Monday, 3 December 2007

Notes for Unix Course


  • ls -R: to recursively descend subdirectory tress

    ls -i: to get inode number for each file.

    ls -l: can list 'link count'. This shows how many files are linked to one file ( same inode number)
  • find / -inum XXXXX -ls: here ls is similar to -print; using this way we can find what files are linked to same file (for hard link).

    $touch -m -t 200712030900 timewanted # generate a file with specified time stamp.
    $find / -newer timewanted -ls # show the files modified after the specified time.

    find / -mount -name "XXXXXXX" -ls: here -mount means NOT scan mounted file system. Especially useful for NOT scan mounted iso files, mounted Windows file system and some network or mirrors storage.
  • 2> /dev/null: this always follows shell command to redirect standard error output. while "1>" for standard output redirection. /dev/null doesn't generate any file, just get rid of error messages. For example: $ls -il /bin/ls # we will get the inode number XXXand link count, if the ls has been hard linked to other files, use the following command find what they are; $find / -mount -inum XXX 2> /dev/null. # using this command we will not see the permission error messages.
  • ps ax | head -123 # head is used to show first 123 lines.
  • tail +123 # to show lines from 123 lines
    tail -123 # to show the last 123 liens
    tail -f /var/log/messages # to monitor the messages file in real time.
  • cp *.[ch] ~ # use regular expression to specify what kind of file you want to copy. Here means copy .c and .h files to home folder.
  • umask: displays or changes the permissions that are taken away, i.e., masked out, from the defaults requested at file creation.
  • ps:
    ps -e: processes of everybody
    ps e: command arguments in detail
    ps l: in long format, similar as ls -l.
    ps -o pid,state,args: to assign what information to output, here -o means options.
    ps -O pri: preloaded -o, pri is added to show basing on the default output.
    state: S=sleeping,R=running,T=stop(because S has assigned to sleeping, so use the second letter T for STOP)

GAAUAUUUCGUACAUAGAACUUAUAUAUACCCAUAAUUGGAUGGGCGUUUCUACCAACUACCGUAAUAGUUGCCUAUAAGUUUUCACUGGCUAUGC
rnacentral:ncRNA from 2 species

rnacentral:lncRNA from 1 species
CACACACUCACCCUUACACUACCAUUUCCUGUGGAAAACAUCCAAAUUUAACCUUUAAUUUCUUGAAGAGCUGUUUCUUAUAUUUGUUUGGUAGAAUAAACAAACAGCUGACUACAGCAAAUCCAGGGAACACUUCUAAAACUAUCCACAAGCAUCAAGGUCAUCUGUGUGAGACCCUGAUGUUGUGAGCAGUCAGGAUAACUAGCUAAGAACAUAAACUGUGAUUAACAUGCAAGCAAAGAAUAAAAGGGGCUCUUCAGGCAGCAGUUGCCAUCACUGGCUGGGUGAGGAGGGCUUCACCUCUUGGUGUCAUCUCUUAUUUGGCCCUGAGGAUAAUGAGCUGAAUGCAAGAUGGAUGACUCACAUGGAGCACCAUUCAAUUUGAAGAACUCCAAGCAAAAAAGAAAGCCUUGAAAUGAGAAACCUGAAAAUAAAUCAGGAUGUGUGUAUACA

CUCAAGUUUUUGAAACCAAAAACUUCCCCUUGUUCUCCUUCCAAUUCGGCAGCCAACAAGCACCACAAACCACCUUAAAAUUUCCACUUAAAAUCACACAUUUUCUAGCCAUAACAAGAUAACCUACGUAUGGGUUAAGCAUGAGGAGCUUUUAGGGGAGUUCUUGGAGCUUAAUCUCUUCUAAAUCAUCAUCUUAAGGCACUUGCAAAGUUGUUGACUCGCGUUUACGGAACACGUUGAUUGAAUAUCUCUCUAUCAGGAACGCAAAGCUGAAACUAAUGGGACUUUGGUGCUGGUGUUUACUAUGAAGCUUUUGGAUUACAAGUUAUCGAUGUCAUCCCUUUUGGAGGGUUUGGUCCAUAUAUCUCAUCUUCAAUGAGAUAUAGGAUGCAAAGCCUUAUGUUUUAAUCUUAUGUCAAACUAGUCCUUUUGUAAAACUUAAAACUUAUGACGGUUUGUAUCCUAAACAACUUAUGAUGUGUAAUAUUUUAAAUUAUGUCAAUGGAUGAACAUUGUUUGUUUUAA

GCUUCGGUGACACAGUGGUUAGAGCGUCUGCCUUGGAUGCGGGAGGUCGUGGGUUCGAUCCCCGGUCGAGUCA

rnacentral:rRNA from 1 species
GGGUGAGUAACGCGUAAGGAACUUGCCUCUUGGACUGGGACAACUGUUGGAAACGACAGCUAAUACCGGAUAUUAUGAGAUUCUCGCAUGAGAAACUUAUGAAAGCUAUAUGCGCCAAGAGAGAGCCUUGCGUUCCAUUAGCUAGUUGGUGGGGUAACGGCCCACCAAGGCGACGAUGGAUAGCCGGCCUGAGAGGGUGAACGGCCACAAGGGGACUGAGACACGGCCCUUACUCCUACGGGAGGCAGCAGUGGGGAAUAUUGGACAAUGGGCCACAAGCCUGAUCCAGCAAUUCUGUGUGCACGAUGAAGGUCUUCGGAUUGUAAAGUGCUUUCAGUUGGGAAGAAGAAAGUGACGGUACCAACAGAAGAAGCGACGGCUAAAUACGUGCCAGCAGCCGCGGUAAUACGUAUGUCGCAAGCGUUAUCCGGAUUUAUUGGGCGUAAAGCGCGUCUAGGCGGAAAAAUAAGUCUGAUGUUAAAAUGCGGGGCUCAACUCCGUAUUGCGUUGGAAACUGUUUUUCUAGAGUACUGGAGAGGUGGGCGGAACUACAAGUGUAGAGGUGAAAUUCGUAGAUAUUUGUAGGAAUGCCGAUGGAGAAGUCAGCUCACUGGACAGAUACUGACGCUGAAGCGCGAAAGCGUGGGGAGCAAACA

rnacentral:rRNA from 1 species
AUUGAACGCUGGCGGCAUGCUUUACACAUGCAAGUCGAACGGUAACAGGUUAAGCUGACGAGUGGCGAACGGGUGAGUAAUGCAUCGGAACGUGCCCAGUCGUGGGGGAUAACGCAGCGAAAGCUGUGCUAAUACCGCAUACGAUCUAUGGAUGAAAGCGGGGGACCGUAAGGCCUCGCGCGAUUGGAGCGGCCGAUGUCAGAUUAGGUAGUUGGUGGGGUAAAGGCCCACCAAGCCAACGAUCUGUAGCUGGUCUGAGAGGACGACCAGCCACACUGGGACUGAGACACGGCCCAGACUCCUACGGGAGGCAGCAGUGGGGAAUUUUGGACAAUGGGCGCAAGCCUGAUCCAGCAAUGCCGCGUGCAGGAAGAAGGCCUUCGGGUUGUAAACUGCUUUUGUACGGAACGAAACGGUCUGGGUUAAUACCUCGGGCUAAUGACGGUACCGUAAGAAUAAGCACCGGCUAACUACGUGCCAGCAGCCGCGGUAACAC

ppid: parent pid. from ps -l , the ppid can be got. it means all the process with same ppid are the child process of the process, whose pid is ppid. If kill this parent process, all the child process will be killed as well.
  • kill -SIG pid: totally33 kinds of Signal for pid.
  • job control:
    prog & # run a program in the background.
    jobs -l # list current background jobs. -l can return pids as well as job numbers.
    : move the current foreground job into the background and STOP it.
    bg %2: RESUME job number 2 in the background.
    fg %2: Resume job number 2 in the foreground.
    wait %2: wait job number 2 to complete.
    kill %2: terminate job number 2.
  • tar -tvf /the/tar/file.tar: list the contents in the tar file while not decompress it.
  • vi: ":file": return the some file information, including total lines.
  • awk: Command line text tool (especially edit file or texts with columns)
    $awk -F':' '{ printf "%-10s%5d\n", $1, $3 }' /etc/passwd
    Here, printf "%-10s%5d\n", $1, $3 -- the action, it's the format string of two arguments to printf, in the case,$1 is the username column in the password file, '-' means left justified. ':' is the separator.
    $fs=$(mount | awk ' $5 =="ext3" { print $3 }')
    Here, shows mounted file systems and we are interested in those whose file system typ is ext3, in which case we print the mount point ($3).

Regular Expression:

symbols meaning example matches
. any 1 char pean.t peanut
[] 1 character set waln[aeiou]t walnet
[-] 1 character range pec[a-l]n pecen
[^] not in set alm[^Oo] almend
* 0 or more instances penut peeeeenut
^ begin line ^begin beginning of line
$ end line end$ line end
\ quote next n\-\[\$ n-[$

.* any string n.*s newts;ns
[]* string from set ba[na]* banana
[ - - ] multiple ranges nu[m-os-u]s nuns

USING WITH "grep","sed"
\{m\} m occurrences [m-os-u]\{4\} stun
\{m,\} m or more occurrences x[0-9]\{3,\}y x121345y
\{m,n\} m to n occurrences x[0-9]\{3,7\}y x1213458y

USING WITH "egrep","awk"
? 0 or 1 instance chest?nut chesnut;chestnut
+ 1 or more instance p[ae]+nut paenut;peeenut
| alternate RE pattern Wal|Pea Wal or Pea
( ) RE group (Wal|Pea|Coco)nut walnut;Peanut;Coconut


\( \) save match \(..\)\(.*\)
\n nth saved match s/\(..\)/\2--\1/

$echo TUNUTS | sed 's/\(..\)/\2--\1/'

$sed -e 's/abc/def/g' -e 's/hij/klm/g' ./where/the/file # In the file, use def to replace abc, and use klm to replace hij.

Shell Programming:

  • '${varible}' is good practice
  • Judge statement:
    [[ ]] for string compare, including "abc" and numeric string "12", here x=9 and x="9" are same.
    (( )) for numerical compare.
    • Be careful of space in the judge statement. [[ $x = 9 ]]. there are " space " around [ ] =, same with (( )).
    • but when you assign x=9, there can not be space!!!!
    • [[ $x -eq 9 ]] , here -eq just for [[]].
  • $x=9
    $[[ $x == 9 ]]
    $echo $? # here $? shows correct or not. or the command runs successfully or not.
  • shell scripts: exit can be put at the last line. if 'exit 9' at the last line. In the shell, $echo $? will return 9.
  • A shell script called 'test', after it runs, $./run , you can not get any variables generated in the script. Because it runs in the sub shell. $. ./run will give you the variable, because, '.' means run the script in the current shell.
  • Subshell. in scripts
    for f in $(ls | grep -v 'gz$')
    ls -l ${f)
    ###this script just shows the files except .gz files. Here sub shell similar to pipe.

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